With his boyish good looks, coy southern charm and distinctive sense of style, who could help but fall in love with Christopher Confero? Certainly not us. From Atlanta to New York, Amsterdam to Australia this jet-setter has been keeping busy! We were lucky enough to sit down with the event planner, designer, and dreamer extraordinaire to learn more about his inspiration, design process and why he is #BLESSED. Scroll through the full interview for a peek behind the scenes of Christopher Confero Design…
Nuage Designs: Tell us your story – how did you get into event planning and design?
Christopher Confero: I was a performer, so I grew up on stage and was always surrounded by creative individuals. Combine that with a degree in Public Relations and Marketing, and here we are. I still surround myself with creatives, but now my clients are in the spotlight and I’m behind the scenes directing the show. I’m not a checklist party planner. On that side, I see what I do as more time and logistics management. My strong suit lies in scripting the visual story of my clients and creating experiences for those who attend a Confero event. When I am at the helm of a party, every nuance is thought out to ensure cohesive flow. It tells one story, start to finish.
ND: You produce events with every little detail in mind, what is your favorite part of the process?
CC: It’s so cliché, but seeing the big picture come to life as the final details are placed and the candles are lit will always be a moment I live for. We spend 9 months or more toiling on a party that lasts but mere hours, so every detail is just as important as the next – what paper the invitations are printed on, when the music and lighting cues hit, the dinner napkins are freshly pressed. Elements that are sometimes overlooked tend to be the perfect opportunity to showcase my creativity and provide a broader cohesive vision. Designing the paper suite and the cake are such fun to me and always allow me to push my clients beyond party standards.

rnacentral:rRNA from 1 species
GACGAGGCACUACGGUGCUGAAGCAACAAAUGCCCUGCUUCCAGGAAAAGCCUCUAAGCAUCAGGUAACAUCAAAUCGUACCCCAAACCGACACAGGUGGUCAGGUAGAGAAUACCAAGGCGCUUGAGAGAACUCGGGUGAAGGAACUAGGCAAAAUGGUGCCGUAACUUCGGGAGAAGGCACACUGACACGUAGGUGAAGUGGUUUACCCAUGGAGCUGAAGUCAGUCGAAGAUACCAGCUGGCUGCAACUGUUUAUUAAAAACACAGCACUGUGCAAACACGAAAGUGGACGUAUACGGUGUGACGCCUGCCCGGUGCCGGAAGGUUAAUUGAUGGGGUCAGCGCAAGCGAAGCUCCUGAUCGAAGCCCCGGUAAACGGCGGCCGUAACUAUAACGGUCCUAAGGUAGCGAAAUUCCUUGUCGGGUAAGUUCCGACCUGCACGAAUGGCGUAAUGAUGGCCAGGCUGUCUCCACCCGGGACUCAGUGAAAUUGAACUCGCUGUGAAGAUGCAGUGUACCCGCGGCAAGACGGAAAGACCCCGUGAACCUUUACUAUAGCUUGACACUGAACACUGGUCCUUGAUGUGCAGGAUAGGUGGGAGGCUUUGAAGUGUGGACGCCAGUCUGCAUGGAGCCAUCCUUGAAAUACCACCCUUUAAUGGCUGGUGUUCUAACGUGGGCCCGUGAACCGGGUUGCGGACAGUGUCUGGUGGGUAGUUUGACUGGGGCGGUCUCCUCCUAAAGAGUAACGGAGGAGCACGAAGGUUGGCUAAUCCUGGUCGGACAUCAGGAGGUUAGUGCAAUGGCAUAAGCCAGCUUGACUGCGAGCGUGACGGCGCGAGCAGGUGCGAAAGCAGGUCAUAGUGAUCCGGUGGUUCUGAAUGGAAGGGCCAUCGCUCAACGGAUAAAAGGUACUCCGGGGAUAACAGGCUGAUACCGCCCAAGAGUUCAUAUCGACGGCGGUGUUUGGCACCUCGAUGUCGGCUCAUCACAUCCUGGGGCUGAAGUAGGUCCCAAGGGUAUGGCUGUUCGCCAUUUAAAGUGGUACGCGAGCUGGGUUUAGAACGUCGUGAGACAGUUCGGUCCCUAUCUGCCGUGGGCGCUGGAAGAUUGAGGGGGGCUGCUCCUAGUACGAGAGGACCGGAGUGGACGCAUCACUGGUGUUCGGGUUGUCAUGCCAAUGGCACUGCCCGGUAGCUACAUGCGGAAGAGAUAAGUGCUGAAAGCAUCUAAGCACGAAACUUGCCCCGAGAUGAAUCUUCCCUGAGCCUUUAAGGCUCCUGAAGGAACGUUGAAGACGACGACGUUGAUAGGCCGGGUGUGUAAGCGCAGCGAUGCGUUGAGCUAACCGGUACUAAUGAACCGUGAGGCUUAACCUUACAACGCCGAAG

ND: You seem to always be on the move jet-setting across the globe, how do you pull from your constant adventures for your designs?
CC: Sleeping in my own bed is a luxury for me! I feel like I am always on the go, but when I’m working, I always make room for a little play so I dare not complain about it either. I’m blessed to travel often and to so many places. I produced a wedding in Africa earlier this year, traveled to Amsterdam and Paris, all throughout the US, and am currently planning my first trip to Australia for early 2017. So needless to say, yes I am inspired by every location I visit and every person I meet. Even if it’s not an initial “AH-HA” moment, I always store memories away to pull from later as I need them. Cultures can inspire color stories, skylines will inspire stage design. Anytime you step outside, open your eyes and be aware of what beauty is surrounding you – the inspiration is endless.
ND: We love all of your designs, and find that they are all so fresh and unique. Where do you look for inspiration?
CC: Every single client is different than the one before, and there will never be another after. I aspire for all of my designs to uniquely reflect the style and personality of whomever I am working for. In our initial conversation, I ask them where they shop, what music they listen to, what their date-night spots are or what their favorite travel destinations may be. I have unifying style standards that I implement to every project, but every event is a new show being seen. Now, my brand is very reflective of who I am and my personal style – clean, simple, classic but always with an edge of irreverence. I personally pull a lot from music and fashion. I live for everything Tom Ford – the man can do no wrong. I firmly believe that more is more, but I’m just not a gaudy designer. Editing is the hardest and most valuable thing to learn.
ND: How is the collaboration process with your clients? Do you ever find it difficult to push them towards what they might see as an “edgy” design?
CC: I feel like “edgy” design borders on being trendy, and as Karl Lagerfeld said, “Trendy is the last stage before tacky.” I am quite lucky in that my clients never try to micromanage my design process. I wouldn’t define my process as a collaboration, but rather that I start with their style and then simply amplify it with my approach to large scale entertaining. While every party is totally bespoke and its own creation, I have a very systematic method of how I execute certain things. Every place setting and seat is neurotically positioned. Every dinner napkin is hand-pressed – and yes, I have sat for hours pressing hundreds myself. It’s these touches that allow for a seamless flow for the eye. You may not notice that all 20 chairs are in a perfect line, but you will notice the one that is out of place. When these things are perfectly presented it ensures that future clients trust me to dream and create without interference.